Monday 15 November 2010

Reading and writing

I still feel a moment of 'they're reading our books over there' parochial pride when I see New Zealand children's and YA authors getting mentioned in international magazines and blogs. In this piece on returning to reading YA fiction, American writer Elizabeth Bachner bookends her article with observations on Margaret Mahy's The Changeover

In the beginning of Margaret Mahy’s The Changeover, a teenage girl in New Zealand, Laura, picks up a bottle of shampoo called Paris. There’s a picture on it, of a lovely girl with the Eiffel Tower behind her bare shoulder, but the label is forced to tell the truth in tiny print: “Made in New Zealand, it said, Wisdom Laboratories, Paraparaumu.”

Just for a moment Laura had a dream of washing her hair and coming out from under the shower to find that she was not only marvelously beautiful but transported to Paris. However, there was no point in washing her hair if she were only going to be moved as far as Paraparaumu. Besides, she knew her hair would not dry in time for school, and she would spend half the morning with chilly ears. These were facts of everyday life, and being made in New Zealand was another. You couldn’t really think your way into being another person with a different morning ahead of you, or shampoo yourself into a beautiful city full of artists drinking wine and eating pancakes cooked in brandy.

If I need a good blow-out, I pick up Cormac McCarthy's All the Pretty Horses. McCarthy's fatalism - his utter refusal to give you an easy ending - and his sparse, diamond-hard writing leaves me undone every time. So naturally, I'm inclined to disagree with Allen Barra over his argument that Larry McMurty's Lonesome Dove is a better Western than McCarthy's Blood Meridian. Then I recall that I haven't read either book, and update my Goodreads to-read list.*

Lev Grossman, author and Time magazine's book critic, blogs about the two kinds of writers: soloists and thieves. I wonder if this applies to artists as well? I know some artists who are particularly porous, and going to a new show is an experiment in guessing what they've been looking at recently.

I don’t understand how the Soloists do it. It’s like they’re sailing across the Atlantic without instruments — coolly, no map, no reference points, just navigating by the feel of the tiller. The Soloists I know avoid other novels like the plague when they’re writing. It’s like reading them will pollute their pure bloodlines or something.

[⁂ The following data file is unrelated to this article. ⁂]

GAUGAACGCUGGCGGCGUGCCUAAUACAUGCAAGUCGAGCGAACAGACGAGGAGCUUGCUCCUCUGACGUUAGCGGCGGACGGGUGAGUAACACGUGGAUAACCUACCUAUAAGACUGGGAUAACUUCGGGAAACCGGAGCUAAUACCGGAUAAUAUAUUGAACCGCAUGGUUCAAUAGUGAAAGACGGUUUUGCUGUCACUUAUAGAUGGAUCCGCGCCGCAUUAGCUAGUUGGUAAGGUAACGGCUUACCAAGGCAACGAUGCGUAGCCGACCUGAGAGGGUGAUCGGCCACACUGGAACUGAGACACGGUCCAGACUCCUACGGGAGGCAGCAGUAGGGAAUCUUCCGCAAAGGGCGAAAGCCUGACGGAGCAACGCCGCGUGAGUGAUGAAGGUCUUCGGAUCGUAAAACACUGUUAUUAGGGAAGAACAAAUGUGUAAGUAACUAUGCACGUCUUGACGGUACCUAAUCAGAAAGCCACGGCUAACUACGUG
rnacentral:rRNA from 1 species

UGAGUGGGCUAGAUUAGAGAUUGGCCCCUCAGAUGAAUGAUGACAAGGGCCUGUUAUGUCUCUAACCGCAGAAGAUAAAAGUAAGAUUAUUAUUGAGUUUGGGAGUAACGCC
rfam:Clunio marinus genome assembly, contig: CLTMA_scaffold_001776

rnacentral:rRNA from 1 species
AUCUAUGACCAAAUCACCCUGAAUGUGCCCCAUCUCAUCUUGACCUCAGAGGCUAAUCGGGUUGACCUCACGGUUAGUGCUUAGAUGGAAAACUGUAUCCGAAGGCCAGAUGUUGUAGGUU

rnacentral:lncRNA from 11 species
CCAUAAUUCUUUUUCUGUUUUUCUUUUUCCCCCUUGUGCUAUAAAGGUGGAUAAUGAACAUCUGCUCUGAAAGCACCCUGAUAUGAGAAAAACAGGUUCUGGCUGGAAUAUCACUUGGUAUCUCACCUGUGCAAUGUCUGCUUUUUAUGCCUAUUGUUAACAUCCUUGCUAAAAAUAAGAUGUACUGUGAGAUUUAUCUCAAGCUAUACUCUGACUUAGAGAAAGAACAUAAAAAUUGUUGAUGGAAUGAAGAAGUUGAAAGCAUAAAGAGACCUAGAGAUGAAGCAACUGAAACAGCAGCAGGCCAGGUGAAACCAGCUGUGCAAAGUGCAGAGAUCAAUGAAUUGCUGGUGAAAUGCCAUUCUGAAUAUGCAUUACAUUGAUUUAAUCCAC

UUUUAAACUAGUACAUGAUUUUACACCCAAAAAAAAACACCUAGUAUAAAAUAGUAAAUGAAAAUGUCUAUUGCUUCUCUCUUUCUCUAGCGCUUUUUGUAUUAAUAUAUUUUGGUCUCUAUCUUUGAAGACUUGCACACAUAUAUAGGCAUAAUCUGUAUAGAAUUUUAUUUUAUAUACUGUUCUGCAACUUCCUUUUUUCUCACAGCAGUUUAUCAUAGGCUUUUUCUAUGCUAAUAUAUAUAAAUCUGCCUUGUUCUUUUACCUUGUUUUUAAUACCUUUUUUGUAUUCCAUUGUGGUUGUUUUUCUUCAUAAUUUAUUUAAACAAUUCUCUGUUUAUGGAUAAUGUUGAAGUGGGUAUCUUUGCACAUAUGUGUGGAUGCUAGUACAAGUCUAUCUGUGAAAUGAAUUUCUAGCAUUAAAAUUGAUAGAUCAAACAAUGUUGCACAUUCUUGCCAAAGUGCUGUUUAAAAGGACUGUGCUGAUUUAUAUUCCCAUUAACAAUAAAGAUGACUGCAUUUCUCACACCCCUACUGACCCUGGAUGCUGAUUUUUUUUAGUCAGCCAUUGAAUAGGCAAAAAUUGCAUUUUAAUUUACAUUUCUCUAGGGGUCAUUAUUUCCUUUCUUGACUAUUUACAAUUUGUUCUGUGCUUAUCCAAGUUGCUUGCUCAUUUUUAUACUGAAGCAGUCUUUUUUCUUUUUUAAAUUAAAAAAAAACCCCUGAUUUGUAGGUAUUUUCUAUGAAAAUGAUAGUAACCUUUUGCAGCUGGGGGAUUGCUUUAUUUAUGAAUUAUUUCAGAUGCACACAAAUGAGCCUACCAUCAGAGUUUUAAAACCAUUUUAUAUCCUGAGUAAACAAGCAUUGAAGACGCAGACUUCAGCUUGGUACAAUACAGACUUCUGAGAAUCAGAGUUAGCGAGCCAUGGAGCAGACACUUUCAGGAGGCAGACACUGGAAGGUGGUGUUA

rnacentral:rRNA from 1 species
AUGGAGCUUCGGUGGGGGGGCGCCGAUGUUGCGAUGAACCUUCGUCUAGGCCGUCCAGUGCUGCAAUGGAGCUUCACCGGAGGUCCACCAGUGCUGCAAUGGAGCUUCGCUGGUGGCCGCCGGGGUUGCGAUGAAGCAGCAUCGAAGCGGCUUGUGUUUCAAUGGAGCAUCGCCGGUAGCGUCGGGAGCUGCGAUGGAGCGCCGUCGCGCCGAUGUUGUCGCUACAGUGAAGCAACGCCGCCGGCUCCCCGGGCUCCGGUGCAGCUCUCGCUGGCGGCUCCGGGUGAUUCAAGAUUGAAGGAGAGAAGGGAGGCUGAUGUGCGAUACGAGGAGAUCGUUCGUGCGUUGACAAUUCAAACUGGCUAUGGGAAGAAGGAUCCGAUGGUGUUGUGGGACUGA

As a Thief, I don’t have that need for purity. But I would give anything for that sense of absolute direction. Like perfect pitch — Soloists don’t need to tune to anything. To go back to the navigation metaphor, I’m constantly checking my GPS and taking sextant readings and heaving the log and shooting azimuths and God knows what else, just to make sure I haven’t wandered off the map into some bizarre territory where I’ve forgotten that sentences are supposed to have verbs in them or something.

In the New Republic, Elizabeth D. Samet writes about using Sherlock Holmes to teach first-year students at West Point. Samet is trying to tell her students that the knowledge they already have is importnant, and that the knowledge that they pick up as they move through life will be useful in unexpected ways:

I’ve taken to visiting 221B Baker Street on the first day of class because I can’t think of anyone who leverages knowledge more effectively.

I ask my students to read a passage near the beginning of A Study in Scarlet (the detective’s first appearance), in which Dr. Watson vainly attempts to itemize precisely what Holmes knows: next to nothing about literature, philosophy, astronomy, and politics; “practical” but idiosyncratic facts of botany, geology, anatomy, and British law; the most minute details of chemistry and “sensational literature.” After concluding his list by noting that Holmes not only “plays the violin well” but is also “an expert singlestick player, boxer, and swordsman,” Watson throws it into the fire “in despair” of ever figuring out what kind of profession could possibly require this eclectic catalogue of “accomplishments.”

Finally, two medical memoirs:

*Has anyone else ever been put off reading Lonesome Dove because the title sounds too like The Thorn Birds and you're still recovering from the you-knew-it-was-wrong-even-at-the-time pleasure of reading the latter in your early teens? Anyone?

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